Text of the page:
Texas to execute man convicted of killing Granbury girl
A condemned 44-year-old inmate is hoping the U.S. Supreme Court keeps him
from the Texas death chamber for the fatal slashing of an 11-year-old
Bobby Wayne Woods is set for lethal injection this evening in Huntsville
for the April 1997 abduction, rape and slaying of Sarah Patterson, his
ex-girlfriend's daughter. The girl and her 9-year-old brother were
snatched from their home in Granbury, near Fort Worth. Her brother was
beaten and left for dead but survived to testify against Woods.
Woods' lawyers argue that he should be spared because of a Supreme Court
ban on executing mentally impaired people. They also contend earlier
unsuccessful appeals in Woods' case were the result of shoddy work by an
attorney now barred from taking on appeals for Texas death row inmates.
(source: Associated Press)
Family Of Murdered Girl Ready For Woods' Execution Reporting
The state's execution chamber awaits one of North Texas most notorious
Bobby Wayne Woods is scheduled die today more than a year after receiving
a last minute reprieve and 12 years after a gruesome crime.
Duane Palmer was Bobby Wayne Woods' brother-in-law in 1997 when they were
living in Hood County. "There was something wrong with him you could see
it in his eyes even then," says Palmer.
Palmer remembers watching in horror that year when news out of Granbury
broke about the rape and murder of 11-year-old Sarah Patterson, whose body
was found near a creek.
Her 9-year-old brother Cody was beaten and left for dead in a cemetery but
later recovered. Authorities soon arrested Woods, their mother's boyfriend
and he was convicted of Capital Murder.
He told us from death row last year that his IQ is only 63 and an appeals
court granted a temporary stay. But some of those once close to Woods
don't buy that and say he's pulling one over on the justice system.
"He's just as normal as you and I except he kills children and molests
them," says Palmer, "He's grasping at any straw he can get as far as I'm
concerned trying to stay alive."
(source: CBS News)
Questions about late death penalty appeal—-Lawyer tied to Keller
incident could face sanctions in latest missed deadline.
Lawyer David Dow was called before the state Court of Criminal Appeals on
Wednesday to explain why he blew a court-imposed deadline by filing an
appeal within 48 hours of his client's execution.
The inmate, Danielle Simpson, was executed Nov. 18, but those particulars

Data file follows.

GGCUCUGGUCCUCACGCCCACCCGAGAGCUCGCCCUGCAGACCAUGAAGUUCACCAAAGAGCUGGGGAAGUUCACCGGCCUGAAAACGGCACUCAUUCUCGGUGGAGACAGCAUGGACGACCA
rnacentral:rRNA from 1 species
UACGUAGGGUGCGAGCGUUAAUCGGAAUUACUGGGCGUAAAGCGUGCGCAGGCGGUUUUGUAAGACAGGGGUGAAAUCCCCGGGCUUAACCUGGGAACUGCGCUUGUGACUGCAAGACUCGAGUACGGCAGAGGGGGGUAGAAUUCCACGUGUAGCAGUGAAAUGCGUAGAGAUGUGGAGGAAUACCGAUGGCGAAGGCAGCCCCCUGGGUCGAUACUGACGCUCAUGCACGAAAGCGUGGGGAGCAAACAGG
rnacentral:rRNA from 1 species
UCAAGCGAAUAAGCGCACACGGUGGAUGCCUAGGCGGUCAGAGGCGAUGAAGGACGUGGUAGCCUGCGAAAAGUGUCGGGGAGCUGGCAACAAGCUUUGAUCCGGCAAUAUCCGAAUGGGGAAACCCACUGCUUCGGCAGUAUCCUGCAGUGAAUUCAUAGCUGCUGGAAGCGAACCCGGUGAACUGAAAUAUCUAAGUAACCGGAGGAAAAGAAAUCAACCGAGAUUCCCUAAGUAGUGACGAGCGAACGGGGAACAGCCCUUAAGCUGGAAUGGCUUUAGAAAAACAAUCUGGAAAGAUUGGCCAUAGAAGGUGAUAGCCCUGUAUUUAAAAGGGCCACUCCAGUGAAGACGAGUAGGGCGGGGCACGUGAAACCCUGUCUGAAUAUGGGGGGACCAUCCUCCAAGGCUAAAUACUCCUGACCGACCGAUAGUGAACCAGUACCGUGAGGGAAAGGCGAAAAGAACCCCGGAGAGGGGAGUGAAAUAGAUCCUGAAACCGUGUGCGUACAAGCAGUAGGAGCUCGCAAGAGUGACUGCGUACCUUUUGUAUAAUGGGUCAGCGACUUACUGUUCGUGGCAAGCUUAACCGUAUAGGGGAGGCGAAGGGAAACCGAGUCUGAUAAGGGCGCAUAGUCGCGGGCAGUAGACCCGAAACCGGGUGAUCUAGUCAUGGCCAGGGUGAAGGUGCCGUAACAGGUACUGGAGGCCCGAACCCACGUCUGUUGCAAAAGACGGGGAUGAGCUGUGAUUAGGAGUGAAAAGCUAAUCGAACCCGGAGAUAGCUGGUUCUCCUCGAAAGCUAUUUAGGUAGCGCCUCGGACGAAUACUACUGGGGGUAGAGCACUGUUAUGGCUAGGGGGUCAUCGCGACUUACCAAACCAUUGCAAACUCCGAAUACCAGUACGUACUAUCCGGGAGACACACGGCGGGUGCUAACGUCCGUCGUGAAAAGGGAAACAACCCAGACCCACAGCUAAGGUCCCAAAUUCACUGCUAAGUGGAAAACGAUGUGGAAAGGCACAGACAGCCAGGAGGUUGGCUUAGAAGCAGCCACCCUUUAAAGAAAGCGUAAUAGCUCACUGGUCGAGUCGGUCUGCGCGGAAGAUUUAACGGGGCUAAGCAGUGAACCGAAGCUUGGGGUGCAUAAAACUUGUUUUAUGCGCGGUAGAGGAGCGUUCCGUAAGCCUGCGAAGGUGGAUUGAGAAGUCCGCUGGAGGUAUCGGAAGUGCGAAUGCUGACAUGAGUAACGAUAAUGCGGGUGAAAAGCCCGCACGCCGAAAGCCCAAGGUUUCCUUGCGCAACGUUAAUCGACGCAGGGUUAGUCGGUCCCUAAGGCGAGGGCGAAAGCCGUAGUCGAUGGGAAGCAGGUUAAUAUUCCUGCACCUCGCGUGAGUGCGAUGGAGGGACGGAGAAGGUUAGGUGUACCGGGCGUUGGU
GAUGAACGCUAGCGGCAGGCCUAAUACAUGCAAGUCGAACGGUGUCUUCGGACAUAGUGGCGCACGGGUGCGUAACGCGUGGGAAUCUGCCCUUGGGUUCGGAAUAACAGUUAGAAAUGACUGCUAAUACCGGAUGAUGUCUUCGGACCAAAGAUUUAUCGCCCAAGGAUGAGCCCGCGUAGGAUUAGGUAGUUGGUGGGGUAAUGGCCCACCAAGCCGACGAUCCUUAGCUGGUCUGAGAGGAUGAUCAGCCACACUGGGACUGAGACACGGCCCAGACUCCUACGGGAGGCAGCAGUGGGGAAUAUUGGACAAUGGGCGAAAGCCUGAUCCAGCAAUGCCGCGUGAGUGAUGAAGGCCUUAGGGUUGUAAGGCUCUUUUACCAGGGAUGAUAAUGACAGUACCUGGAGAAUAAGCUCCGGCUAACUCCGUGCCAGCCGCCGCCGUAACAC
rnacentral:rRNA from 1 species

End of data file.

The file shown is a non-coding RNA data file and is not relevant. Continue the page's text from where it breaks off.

weren't the main reason a small crowd gathered in the Capitol-area
courtroom where the state's highest criminal court normally toils in
obscurity. Dow drew an audience because of his role in another late appeal
on behalf of convicted murderer Michael Richard, whose 2007 case resulted
in misconduct charges that are pending against the court's presiding
judge, Sharon Keller.
Richard was not mentioned at the Wednesday hearing, but his presence was
felt. Dow was one of the Texas Defender Service lawyers who tried,
unsuccessfully, to file a late appeal for Richard in 2007 leading to
charges that Keller improperly closed the court to the inmate on his
Dow also testified at Keller's August trial on the charges; the judge in
that case has not delivered his findings to the State Commission on
Keller did not participate in the hearing and will not join the court's
opinion to be issued at a future, unspecified date, said Judge Lawrence
Meyers, who directed the proceedings in Keller's absence.
Available sanctions against Dow include a contempt-of-court finding and a
complaint to the State Bar of Texas' disciplinary division.
Dow blamed the missed deadline on a conflict with Simpson's
court-appointed lawyer, Wes Volberding, and on what was described as
Simpson's increasingly erratic behavior. Simpson variously asked for the
Texas Defender Service to replace Volberding and directed Volberding to
abandon all appeals, said Dow's lawyer, University of Texas law professor
When it was sorted out, Dow and co-counsel Katherine Black received
Volberding's case files in 15 poorly organized boxes only nine days
before Simpson's execution date, Steiker said.
At first, Dow and Black anticipated filing a petition stating that Simpson
was ineligible for execution because he was mentally ill. But a review of
the files found another potential claim: that prosecutors had improperly
excluded black jurors at Simpson's trial for kidnapping and killing an
84-year-old Anderson County woman in 2000. Simpson was black.
Additional death row visits to assess Simpson's mental health further
delayed the appeal, Steiker said.
"This is not a case in which the lawyers were sitting on this claim for
months or years," Steiker said.
But several judges, including Cathy Cochran and Michael Keasler, noted
that the juror claim had already been raised and denied in an earlier
appeal. Dow agreed but said he thought a later court ruling opened the
door for another try.
The 9-member court imposed the 48-hour deadline on death row appeals in
June 2008, in the wake of criticism over its handling of the Richard case.
One other lawyer, Kevin "Gator" Dunn of Houston, has missed the deadline,
and he too was called before the court to explain his tardiness, said Sian
Schilhab, the court's general counsel. The court chose not to sanction
(source: Austin American-Statesman)